Kevin Plank attended the dedication of a new turf field and recreation center in Patterson Park Tuesday morning, briefly waving to a crowd of about 100 that included children and pro players from the Baltimore Orioles and Chesapeake Bayhawks lacrosse team.
(The field and new facility are terrific by the way, especially in a park that really draws so many people together from diverse neighborhoods.)
As he left, he declined a chance to discuss Maryland's move to the Big Ten. He yelled, "Go Terps, baby" as he ducked into one of the dark black SUV's that generally cart him and any entourage he may have around the Baltimore area. This isn't unusual. Plank is not one to stand around and shoot the breeze. Impromptu discussions aren't his thing.
Which is why it should come as no surprise that he released the following statement Tuesday afternoon:
"As a former student-athlete at the University of Maryland and a supporter of the Athletic Department, I would like to congratulate Wallace Loh, Brit Kirwan and Kevin Anderson on reaching this agreement with Jim Delany and the Big Ten Member institutions. The ACC has been a great partner to Maryland throughout the years, however joining the Big Ten now provides new and exciting opportunities for our beloved University. The positive financial impact of this move has been well-documented, however, enhancing the experiences for all of our student-athletes and our campus as a whole is the most important consideration. I look forward to this new chapter for Maryland and I am excited for our future. Go Terps!"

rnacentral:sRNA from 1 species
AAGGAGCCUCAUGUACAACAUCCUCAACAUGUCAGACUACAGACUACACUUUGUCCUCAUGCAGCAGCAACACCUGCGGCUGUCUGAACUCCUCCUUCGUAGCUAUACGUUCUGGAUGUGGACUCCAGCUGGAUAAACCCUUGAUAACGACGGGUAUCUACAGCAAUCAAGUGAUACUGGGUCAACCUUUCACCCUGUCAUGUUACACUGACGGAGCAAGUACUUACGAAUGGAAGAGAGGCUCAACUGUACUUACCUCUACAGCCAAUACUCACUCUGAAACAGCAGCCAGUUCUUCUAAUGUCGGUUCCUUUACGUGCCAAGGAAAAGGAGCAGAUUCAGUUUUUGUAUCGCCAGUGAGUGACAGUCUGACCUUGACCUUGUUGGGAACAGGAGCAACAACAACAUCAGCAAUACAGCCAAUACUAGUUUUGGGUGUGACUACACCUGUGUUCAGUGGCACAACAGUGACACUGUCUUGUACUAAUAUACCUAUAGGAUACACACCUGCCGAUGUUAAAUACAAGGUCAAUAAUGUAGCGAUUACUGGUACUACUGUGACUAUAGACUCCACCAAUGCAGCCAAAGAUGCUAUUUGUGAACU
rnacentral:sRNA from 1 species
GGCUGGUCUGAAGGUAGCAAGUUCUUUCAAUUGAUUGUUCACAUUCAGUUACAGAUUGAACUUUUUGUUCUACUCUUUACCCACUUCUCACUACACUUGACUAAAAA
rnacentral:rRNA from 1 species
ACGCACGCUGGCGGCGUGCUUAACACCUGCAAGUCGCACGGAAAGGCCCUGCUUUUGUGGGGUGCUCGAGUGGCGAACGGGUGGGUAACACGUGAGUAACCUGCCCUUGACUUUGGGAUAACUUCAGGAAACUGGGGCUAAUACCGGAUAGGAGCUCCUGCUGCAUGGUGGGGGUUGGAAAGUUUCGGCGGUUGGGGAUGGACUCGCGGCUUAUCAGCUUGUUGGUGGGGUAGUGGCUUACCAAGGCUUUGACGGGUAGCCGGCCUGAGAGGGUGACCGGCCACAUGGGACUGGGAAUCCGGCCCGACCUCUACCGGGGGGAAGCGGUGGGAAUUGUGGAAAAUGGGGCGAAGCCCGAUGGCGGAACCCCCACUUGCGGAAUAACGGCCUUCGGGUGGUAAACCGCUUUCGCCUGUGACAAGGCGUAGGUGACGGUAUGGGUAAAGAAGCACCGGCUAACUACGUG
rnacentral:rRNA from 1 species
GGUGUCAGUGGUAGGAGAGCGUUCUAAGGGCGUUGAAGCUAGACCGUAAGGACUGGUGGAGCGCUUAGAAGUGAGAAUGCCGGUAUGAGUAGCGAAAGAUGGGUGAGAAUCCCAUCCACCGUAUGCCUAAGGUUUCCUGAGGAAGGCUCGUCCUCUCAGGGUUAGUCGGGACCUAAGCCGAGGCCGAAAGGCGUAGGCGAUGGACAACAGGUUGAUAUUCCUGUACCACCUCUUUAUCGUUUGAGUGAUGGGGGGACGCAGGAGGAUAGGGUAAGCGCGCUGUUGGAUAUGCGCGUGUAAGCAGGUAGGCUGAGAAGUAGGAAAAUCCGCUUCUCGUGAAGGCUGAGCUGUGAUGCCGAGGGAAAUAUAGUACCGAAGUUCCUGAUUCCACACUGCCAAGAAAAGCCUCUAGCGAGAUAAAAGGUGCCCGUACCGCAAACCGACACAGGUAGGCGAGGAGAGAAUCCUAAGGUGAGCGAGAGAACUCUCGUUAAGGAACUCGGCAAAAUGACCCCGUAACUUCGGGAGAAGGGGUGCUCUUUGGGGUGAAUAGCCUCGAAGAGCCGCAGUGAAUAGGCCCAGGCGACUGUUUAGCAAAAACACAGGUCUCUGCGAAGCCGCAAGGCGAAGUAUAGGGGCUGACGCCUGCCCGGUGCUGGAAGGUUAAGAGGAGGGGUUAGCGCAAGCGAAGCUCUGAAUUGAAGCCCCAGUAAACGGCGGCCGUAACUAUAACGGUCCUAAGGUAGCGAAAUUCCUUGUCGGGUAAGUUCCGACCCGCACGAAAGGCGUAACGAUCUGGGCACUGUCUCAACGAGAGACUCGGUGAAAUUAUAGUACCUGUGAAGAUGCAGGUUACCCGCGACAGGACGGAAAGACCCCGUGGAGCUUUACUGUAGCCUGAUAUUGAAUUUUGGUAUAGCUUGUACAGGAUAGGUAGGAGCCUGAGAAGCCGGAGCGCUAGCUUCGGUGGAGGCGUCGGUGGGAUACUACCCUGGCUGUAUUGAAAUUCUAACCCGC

So that's that. There's been much speculation about Plank's role in the decision, and he has denied pushing it one way or the other.
Under Armour spokeswoman Diane Pelkey also says that Plank will not be contributing to help Maryland pay a $50 million buyout fee to the ACC and called reports of such, "completely false."
Plank did disclose plans to sell up to 1.3 million shares of stock in Under Armour, worth about $65 million at current prices, over the next year. But Pelkey said Plank had made plans to liquidate the stock months ago and that the money will be used for tax, estate, and charitable giving.Copyright © 2014, Los Angeles Times